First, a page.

Thoughts on the Smart Keyboard

When I bought my iPad Pro, I spent about 15 minutes with the Smart Keyboard in an Apple Store. I wasn’t super impressed, and wrote off the accessory until recently, when I picked one up more or less on a whim.

My first impressions haven’t held up.

While the Smart Keyboard has dome switches under the keys that are similar to those found in the MacBook, the travel here is noticeably better than the notebook’s. I’d peg it somewhere in between the Magic Keyboard and the MacBook.

While the spacing between the keys seems too large at first, in practice, it’s not an issue. The entire keyboard is basically the width of every other Apple keyboard available these days; things aren’t all squished up like they are on many third-party keyboards available for smaller iPads.

All of this adds up to a good experience; I find it comfortable to type on, even in longer sessions. I’m more accurate and faster with it than while using the software keyboard.

That’s not to say everything’s perfect with the Smart Keyboard. It does add bulk to the iPad Pro when it’s folder up in the Smart Cover. Getting everything folded the right way can prove to be awkward; more than once I’ve have the keyboard flop down onto a table harder than I intended.

On the software side, iOS 9 just isn’t ready to be driven by a keyboard like OS X is. John Gruber covered this well:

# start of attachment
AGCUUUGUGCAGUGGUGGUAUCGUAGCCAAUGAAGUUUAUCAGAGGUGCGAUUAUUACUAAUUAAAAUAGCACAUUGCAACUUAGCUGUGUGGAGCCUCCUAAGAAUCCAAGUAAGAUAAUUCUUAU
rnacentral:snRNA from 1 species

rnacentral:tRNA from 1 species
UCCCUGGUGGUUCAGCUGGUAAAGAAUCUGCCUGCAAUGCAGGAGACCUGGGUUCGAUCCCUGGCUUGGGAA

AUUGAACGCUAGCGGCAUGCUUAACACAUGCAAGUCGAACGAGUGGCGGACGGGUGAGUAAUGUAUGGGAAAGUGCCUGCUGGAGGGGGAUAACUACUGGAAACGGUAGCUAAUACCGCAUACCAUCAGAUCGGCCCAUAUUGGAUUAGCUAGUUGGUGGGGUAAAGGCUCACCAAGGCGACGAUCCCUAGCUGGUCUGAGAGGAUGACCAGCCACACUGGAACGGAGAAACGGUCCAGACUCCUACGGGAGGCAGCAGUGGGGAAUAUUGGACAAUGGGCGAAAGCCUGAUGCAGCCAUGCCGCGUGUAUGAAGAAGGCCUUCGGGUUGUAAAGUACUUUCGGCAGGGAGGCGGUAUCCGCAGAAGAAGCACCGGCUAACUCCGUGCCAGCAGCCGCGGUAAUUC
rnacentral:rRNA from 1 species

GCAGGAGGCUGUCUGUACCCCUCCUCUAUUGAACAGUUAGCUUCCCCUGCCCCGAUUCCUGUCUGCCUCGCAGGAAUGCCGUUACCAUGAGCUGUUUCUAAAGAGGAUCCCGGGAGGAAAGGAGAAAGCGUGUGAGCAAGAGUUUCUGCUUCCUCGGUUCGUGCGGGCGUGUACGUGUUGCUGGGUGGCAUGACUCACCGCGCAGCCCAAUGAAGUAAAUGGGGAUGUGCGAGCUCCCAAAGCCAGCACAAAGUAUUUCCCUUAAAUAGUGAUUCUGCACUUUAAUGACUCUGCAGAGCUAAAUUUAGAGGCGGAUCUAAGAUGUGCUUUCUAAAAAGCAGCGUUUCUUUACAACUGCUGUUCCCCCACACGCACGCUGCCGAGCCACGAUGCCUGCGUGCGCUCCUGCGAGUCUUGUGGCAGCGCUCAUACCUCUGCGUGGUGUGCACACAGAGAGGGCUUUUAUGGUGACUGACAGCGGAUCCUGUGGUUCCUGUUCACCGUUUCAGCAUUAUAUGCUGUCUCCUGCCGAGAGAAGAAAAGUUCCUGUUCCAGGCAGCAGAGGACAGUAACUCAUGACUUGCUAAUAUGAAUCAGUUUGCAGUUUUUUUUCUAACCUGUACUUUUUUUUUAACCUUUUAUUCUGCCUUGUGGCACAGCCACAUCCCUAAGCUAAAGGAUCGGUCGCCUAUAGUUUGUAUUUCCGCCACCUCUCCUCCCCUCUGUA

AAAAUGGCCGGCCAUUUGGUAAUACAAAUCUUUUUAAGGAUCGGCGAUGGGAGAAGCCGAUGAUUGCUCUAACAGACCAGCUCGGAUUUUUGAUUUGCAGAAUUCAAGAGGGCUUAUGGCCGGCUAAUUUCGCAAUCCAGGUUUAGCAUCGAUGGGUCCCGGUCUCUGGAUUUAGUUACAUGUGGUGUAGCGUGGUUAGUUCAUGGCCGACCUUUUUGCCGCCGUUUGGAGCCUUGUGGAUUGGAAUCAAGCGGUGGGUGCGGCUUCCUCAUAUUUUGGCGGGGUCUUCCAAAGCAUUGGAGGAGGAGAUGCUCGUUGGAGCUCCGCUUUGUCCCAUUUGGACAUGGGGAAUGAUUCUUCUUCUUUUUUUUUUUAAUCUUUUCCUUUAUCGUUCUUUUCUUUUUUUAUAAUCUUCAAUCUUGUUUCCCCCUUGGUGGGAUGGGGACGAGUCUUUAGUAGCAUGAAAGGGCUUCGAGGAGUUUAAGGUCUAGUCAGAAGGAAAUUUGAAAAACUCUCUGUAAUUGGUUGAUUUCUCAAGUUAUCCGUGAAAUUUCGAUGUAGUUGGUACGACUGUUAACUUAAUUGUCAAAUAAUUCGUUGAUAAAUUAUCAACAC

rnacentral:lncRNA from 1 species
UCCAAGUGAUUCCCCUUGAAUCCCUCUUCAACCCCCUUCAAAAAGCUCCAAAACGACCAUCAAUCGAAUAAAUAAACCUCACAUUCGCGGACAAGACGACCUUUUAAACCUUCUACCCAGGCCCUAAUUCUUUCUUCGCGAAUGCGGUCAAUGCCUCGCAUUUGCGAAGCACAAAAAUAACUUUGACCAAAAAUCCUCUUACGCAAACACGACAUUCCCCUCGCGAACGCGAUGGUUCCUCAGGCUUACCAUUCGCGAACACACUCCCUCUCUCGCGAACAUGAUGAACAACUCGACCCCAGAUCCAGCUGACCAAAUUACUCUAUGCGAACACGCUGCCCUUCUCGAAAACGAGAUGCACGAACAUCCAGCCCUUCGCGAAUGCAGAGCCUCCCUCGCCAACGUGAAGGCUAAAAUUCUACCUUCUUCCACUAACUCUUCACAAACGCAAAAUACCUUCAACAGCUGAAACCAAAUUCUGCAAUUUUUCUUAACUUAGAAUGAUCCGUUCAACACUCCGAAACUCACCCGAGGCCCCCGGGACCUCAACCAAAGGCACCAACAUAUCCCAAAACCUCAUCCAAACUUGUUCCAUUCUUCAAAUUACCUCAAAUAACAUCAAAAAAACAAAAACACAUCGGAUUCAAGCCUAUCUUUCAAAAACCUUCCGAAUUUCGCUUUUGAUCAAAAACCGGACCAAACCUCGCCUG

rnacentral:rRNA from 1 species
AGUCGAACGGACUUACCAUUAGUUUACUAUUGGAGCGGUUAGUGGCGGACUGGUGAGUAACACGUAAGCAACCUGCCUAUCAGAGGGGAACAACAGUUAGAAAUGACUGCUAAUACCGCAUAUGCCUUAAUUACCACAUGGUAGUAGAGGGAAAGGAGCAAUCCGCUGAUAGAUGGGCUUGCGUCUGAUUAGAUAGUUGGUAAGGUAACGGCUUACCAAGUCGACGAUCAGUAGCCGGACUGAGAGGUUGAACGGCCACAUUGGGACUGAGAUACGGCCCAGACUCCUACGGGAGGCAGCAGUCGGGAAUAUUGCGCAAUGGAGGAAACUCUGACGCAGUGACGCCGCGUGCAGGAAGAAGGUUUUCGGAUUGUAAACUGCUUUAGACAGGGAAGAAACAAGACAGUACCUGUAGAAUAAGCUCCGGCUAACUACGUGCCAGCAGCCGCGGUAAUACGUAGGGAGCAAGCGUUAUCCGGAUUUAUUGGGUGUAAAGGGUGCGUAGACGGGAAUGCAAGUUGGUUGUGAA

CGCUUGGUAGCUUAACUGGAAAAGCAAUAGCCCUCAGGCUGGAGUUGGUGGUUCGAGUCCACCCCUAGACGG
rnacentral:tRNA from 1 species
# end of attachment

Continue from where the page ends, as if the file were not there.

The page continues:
This lack of keyboard support is prevalent system-wide. In Messages, if you start a new conversation and type the partial name of a contact, you can’t select from the list of matches using arrow keys or auto-complete the name you’ve partially typed using Tab. You’ve got to — you guessed it — reach up and touch the screen. You can use the arrow keys to select from a list of suggestions in the recipients fields in Mail, however, and arrow keys also work for selecting from the list of suggestions in the Safari location field.

I hope that Apple will address this in future versions of iOS. The iOS 9.3 beta seems to fix some issues, which is hopefully just the start.

All that said, if you can get used to reaching up and tapping the screen a good bit, using the Smart Keyboard is a much better experience than I first thought it would be.